Bridge Creek Sewer Line Crossing, 100 Mile House - Photo

Victoria Enhanced Water Supply Disinfection



Through Canada's Economic Action Plan, an additional $64.64 million has been allocated to smaller-scale projects in communities with populations of fewer than 100,000, for projects that will be substantially completed by March 31, 2011.

Canada and British Columbia have signed the Canada-British Columbia Building Canada Fund — Communities Component Agreement (BCF-CC), part of the $2.2 billion Building Canada Framework Agreement of 2007.

Under the BCF-CC Agreement, the provincial and the federal governments will each allocate $136 million to support local government infrastructure projects in communities with a population of less than 100,000 people. This funding will provide communities with support in addressing their infrastructure pressures and serve as a complementary instrument to Gas Tax Funding.

The federal and provincial governments will each contribute $111 million for community projects, such as:

  • Drinking Water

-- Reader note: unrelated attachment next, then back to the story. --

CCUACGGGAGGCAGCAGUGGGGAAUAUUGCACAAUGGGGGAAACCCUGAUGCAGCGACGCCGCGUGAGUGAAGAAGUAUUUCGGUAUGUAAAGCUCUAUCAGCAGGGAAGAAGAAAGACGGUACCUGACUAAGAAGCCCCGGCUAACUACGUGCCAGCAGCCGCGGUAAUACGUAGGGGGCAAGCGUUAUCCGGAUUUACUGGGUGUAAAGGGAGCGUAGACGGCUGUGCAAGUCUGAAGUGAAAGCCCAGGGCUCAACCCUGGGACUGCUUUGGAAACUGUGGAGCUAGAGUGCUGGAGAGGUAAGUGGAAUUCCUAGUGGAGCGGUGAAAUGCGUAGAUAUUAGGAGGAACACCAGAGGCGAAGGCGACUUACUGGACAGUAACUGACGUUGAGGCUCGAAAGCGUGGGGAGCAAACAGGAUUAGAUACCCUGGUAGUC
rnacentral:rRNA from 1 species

• Wastewater
  • Public Transit
  • National Highway System
  • Green Energy
  • Solid Waste Management
  • Brownfield Redevelopment
  • Culture
  • Sport
  • Connectivity and Broadband
  • Local Road
  • Shortline Railways
  • Short Sea Shipping
  • Local and Regional Airports
  • Tourism (convention centres or exhibition hall-type facilities)
  • Collaborative Projects
  • Disaster Mitigation
  • Recreation
  • Flood Protection

The remainder of $25 million in incremental funding is allocated to accommodate the Flood Mitigation projects within the Provincial Flood Protection Program.

The BCF-CC is focused on delivering results that matter to Canadians — cleaner air and water, safer roads, shorter commutes, prosperous communities, and liveable communities. This 10 year funding program spans from 2007 to 2017 and will make a real difference in the everyday lives of Canadians, while supporting the nation's priorities — a stronger economy, cleaner environment, and better communities.

Projects will be selected through an application-based process and will be evaluated on the extent to which they meet environmental, economic, and quality of life objectives. It is important that projects are sustainable in regard to how they are planned, designed, constructed, operated, maintained and managed. The following provincial plans and strategies to consider are: